Eastside (DTES) residents marched through the streets today and painted
messages on an empty building that should be transformed into an
Aboriginal Healing and Wellness Centre as part of the Local Area Plan.
“The paint-in today was a chance for low-income residents to send a
clear message to City Council: The plan doesn’t go nearly far enough to
solve the housing, poverty and health crisis in the DTES, ” said
Carnegie Community Action Project (CCAP) volunteer Harold Lavender.
“We’ve told the City before that we want funding for an Aboriginal
Healing and Wellness Centre, more social housing at welfare and pension
rates, and stronger controls on retail gentrification. Today we wrote
our vision and demands on the wall. We will continue to fight for them.”
event was organized by the Carnegie Community Action Project and
low-income members of the Local Area Planning Process (LAPP) Committee.
The Local Area Plan (LAP) goes before Council on Wednesday, March 12th.
“The building we painted is owned by Vancouver Coastal Health and has
been sitting empty for years”, said Western Aboriginal Harm Reduction
Society President Tracey Morrison. “Meanwhile, Downtown Eastside
residents need a place to heal and have well-being. We want a Centre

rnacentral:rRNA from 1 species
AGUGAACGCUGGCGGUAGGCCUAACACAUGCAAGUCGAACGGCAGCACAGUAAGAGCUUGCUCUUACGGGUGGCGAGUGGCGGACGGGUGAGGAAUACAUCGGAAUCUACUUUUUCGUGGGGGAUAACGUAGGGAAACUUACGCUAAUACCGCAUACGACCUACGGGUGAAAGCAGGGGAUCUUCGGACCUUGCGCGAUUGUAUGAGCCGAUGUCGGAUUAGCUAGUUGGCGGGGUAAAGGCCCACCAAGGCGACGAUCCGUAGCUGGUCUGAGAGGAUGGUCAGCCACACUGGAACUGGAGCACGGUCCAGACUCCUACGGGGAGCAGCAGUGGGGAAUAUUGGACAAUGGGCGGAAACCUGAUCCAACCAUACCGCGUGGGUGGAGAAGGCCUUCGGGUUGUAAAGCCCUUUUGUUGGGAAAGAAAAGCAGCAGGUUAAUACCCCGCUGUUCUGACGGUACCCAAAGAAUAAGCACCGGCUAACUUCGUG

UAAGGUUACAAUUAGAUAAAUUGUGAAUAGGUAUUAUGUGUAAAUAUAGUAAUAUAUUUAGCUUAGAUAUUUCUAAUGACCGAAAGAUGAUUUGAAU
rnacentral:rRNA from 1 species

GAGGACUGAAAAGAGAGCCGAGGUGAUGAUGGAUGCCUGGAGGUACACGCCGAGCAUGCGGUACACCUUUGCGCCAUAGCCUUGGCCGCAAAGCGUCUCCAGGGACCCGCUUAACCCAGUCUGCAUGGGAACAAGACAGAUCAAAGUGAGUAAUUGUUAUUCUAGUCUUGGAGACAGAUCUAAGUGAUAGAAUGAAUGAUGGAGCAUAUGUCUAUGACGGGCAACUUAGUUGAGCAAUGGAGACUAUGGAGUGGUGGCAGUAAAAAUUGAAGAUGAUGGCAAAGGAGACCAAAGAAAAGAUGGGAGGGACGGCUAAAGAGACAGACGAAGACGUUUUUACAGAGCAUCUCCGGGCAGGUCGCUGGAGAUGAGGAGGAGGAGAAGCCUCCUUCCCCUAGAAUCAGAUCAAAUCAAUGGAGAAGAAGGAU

that’s run by Aboriginal people, not bureaucrats.”
“With an Aboriginal Healing and Wellness Centre we could have elders
involved with the younger generation,” said LAPP Low-Income Caucus
member Victoria Bull. “What happens now is that people are sent to
treatment centres. An Aboriginal Healing and Wellness Centre would
provide a sense of belonging to address past traumatic issues while
dealing with addictions and mental health issues.”
The Local Area Plan was criticized today at the “Paint-In” for failing
to put in place adequate measures to solve the housing crisis.
“The City is only committing $50 million and three lots over a 30-year
period for social housing. That’s much less than the value of its gift
to a new Art Gallery,” said Gwin ga’adihl amaa goot, a Nisgaa Nation
member and DTES resident.
“We do support the new zoning proposed for the Oppenheimer District
because keeping condos out will keep land values lower”, he continued.
“This won’t get us housing, but it will keep SRO rents down and land
more affordable to build social housing in the future with senior
government support. But the LAP only commits to building a maximum of
1,467 new social housing units for people on welfare over a 30-year
period. This is completely unacceptable.”
“When you crunch the numbers, only one unit of social housing for people
on welfare is being built for every ten unaffordable housing units in
the DTES”, added LAPP Low Income caucus member Tami Starlight. “With the
rising land values that come from this equation, low-income people will
be priced out of the DTES. We will lose our lifelines. We will be pushed
into communities that don’t have the services, amenities or community
ties we have built and depend on.”
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